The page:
Geospatial Mashups in Web GIS for Tourism Infrastructure: Internet-Based Channel Perspective Promotional Measures

Geospatial Mashups in Web GIS for Tourism Infrastructure: Internet-Based Channel Perspective Promotional Measures

Somnath Chaudhuri (Maldives National University, Maldives) and Nilanjan Ray (Netaji Mahavidyalaya, India)
Copyright: © 2017 |Pages: 24
DOI: 10.4018/978-1-5225-2041-2.ch015
OnDemand PDF Download:
$30.00
List Price: $37.50

Abstract

A Mashup is the process of merging multiple sources of data, both spatial and non-spatial, into a single integrated spatial display. It is about extracting spatial data from a non-spatial source and combining with other spatial data and finally displaying it on a map. Mashups can potentially combine any type of contents and functions over the web, regardless of whether a formal interface of programming is available (Fu et al., 2011). The present study discusses the basic architecture of the Geospatial Mashups in Web GIS and its application in tourism promotion.
Chapter Preview
Top

Introduction

Tourism is defined by the World Tourism Organisation (NSCB, 2004), as the act of travelling for the purpose of recreation and the provision of services for this act. Tourism is a vital part of the global economy. Currently, this industry is one of the fastest growing industries all over the world. Tourism has some specific advantages over other industries like; it helps countries that are poor in material wealth but enriched in heritage, culture, history to utilize their unique characteristics as a revenue-generating source. It creates networks of different supporting operations like restaurants, hotels, transport services, guides, local small scale industries and many more. This business involves many socio-economic activities like promotion and advertising tourist spots and destinations, providing effective transport facility, fooding-lodging, entertainment etc. which tends to encourage the overall development of infrastructures that benefits the host countries. This smokeless industry is essentially a kind of service industry; it renders service to the tourists (Chaudhuri & Ray, 2015). Information and communication is an integral part of any service industry, tourism is not an exception. Information Technology breaks the geographical boundaries and share with the global audiences. It integrates between tourism products and requirement of the tourists. Information and Communication Technology (ICT) can lead tourism to emerge as a new mantra for alternative economic development (Buhalis, 1998). Information technology is being rapidly diffused throughout the tourism industry and that no player will escape from information technologies impacts. These technological innovations started in the 1970s when the main airlines set up CRSs (Computerized Reservation Systems), with the strategic aim of building a global distribution network for their products. Connecting travel agencies to the CRSs set off a process of distribution automation involving an ever-increasing number of tour operators, carriers, and car hire firms, individual hotels, hotel chains, and other hospitality firms (Chaudhuri & Ray, 2015). Geographical Information System (GIS), an ICT tool has been extensively used for tourism promotion and management. It was in use for GIS data design and collection, database design management and application of tourism analysis and problem solving. Currently, Internet has become the inseparable part of the Information and communication technology. The GIS technicians and researchers started research on how to share the GIS features online, rather than using it as a standalone system. In the year 1993, the Web GIS started evolving rapidly. The online static maps slowly changed to interactive dynamic maps over the World Wide Web. This is the first step of Web GIS. The greatest advantage was to get rid of traditional desktop GIS, its installation and data sharing hazard. Today’s web user can create content on the web both collaboratively and individually, allowing for a personalized web experience through wikis, blogs, podcasts, photo sharing, and other technologies. GIS and mapping applications have both benefited from and contributed to these trends, collectively called “Web 2.0” (Pierce et al., 2009). This provides the concept of Geospatial Mashups. Integration of multiple data layers from varied sources, is one of the most common and effective functional requirements of Web GIS applications. On the Web GIS context, a Mashup is the process of merging multiple sources of data, both spatial and non-spatial, into a single integrated spatial display. It is about extracting spatial data from a non-spatial source and combining with other spatial data and finally displaying it on a map. Mashups can potentially combine any type of contents and functions over the web, regardless of whether a formal interface of programming is available (Fu et al., 2011). The present study discusses the basic architecture of the Geospatial Mashups in Web GIS and its application in tourism promotion.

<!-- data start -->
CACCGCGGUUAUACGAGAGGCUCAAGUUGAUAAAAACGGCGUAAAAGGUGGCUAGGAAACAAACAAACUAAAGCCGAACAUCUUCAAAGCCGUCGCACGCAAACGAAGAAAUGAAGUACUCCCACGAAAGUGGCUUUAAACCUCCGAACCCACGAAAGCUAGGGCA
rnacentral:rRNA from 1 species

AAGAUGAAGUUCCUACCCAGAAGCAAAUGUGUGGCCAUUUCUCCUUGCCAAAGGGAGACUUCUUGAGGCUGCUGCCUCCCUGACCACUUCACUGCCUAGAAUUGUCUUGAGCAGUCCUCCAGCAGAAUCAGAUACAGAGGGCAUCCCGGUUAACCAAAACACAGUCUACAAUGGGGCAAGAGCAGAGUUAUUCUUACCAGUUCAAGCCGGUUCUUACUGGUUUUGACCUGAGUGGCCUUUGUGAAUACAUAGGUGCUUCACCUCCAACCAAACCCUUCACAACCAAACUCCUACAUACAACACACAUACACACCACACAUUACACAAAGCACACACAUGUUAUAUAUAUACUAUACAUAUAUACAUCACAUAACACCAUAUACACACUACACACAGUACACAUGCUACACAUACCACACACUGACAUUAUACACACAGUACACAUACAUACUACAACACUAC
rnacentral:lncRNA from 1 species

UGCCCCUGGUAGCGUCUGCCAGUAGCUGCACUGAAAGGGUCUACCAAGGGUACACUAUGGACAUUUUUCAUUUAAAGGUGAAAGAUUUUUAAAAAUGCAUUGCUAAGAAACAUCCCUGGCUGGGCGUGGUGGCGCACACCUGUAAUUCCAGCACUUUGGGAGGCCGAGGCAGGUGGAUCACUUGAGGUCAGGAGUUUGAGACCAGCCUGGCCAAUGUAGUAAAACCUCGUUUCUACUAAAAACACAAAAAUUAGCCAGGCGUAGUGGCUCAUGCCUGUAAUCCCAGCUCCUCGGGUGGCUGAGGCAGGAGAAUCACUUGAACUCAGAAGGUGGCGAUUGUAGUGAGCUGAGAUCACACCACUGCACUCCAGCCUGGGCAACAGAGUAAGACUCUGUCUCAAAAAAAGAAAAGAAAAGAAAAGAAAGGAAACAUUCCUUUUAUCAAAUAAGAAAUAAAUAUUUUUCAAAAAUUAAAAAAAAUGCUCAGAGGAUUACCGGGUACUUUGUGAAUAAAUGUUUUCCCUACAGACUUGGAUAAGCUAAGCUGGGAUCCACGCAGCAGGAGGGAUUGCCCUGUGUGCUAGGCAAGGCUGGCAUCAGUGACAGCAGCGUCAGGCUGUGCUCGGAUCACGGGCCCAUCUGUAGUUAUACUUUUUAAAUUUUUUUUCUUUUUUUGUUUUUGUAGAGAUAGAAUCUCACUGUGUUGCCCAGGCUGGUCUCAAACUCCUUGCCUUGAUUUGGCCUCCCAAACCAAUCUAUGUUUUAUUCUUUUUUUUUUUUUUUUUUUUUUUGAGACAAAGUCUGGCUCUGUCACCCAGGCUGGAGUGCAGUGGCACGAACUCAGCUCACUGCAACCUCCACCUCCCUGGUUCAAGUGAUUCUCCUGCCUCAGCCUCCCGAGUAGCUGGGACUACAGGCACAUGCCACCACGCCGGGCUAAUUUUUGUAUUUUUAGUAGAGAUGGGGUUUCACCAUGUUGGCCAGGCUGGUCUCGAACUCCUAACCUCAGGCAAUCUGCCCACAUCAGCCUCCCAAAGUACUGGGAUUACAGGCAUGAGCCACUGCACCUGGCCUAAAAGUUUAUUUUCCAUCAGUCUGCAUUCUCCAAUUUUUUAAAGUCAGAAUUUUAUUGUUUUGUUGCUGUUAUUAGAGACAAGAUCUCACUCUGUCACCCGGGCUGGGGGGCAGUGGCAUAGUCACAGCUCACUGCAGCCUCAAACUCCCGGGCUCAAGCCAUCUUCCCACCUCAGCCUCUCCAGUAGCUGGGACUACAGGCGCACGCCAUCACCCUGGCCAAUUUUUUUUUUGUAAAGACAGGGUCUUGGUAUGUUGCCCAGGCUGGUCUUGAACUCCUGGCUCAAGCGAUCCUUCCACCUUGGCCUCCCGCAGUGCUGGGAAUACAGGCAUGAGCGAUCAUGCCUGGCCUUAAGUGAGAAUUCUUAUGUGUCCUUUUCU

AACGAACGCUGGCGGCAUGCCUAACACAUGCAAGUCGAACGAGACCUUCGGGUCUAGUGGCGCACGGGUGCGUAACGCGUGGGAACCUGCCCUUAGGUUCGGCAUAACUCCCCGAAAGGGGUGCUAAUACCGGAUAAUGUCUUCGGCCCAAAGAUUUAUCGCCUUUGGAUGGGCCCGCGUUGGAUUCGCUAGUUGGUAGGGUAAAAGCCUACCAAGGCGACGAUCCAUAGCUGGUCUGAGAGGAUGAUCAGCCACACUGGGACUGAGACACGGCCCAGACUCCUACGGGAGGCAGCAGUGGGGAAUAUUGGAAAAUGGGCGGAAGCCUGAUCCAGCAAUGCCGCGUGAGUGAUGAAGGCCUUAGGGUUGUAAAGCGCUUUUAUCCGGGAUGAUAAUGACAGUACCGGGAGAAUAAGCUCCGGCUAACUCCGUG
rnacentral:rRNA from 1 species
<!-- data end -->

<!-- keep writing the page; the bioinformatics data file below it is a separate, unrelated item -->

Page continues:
Complete Chapter List

Search this Book:
Reset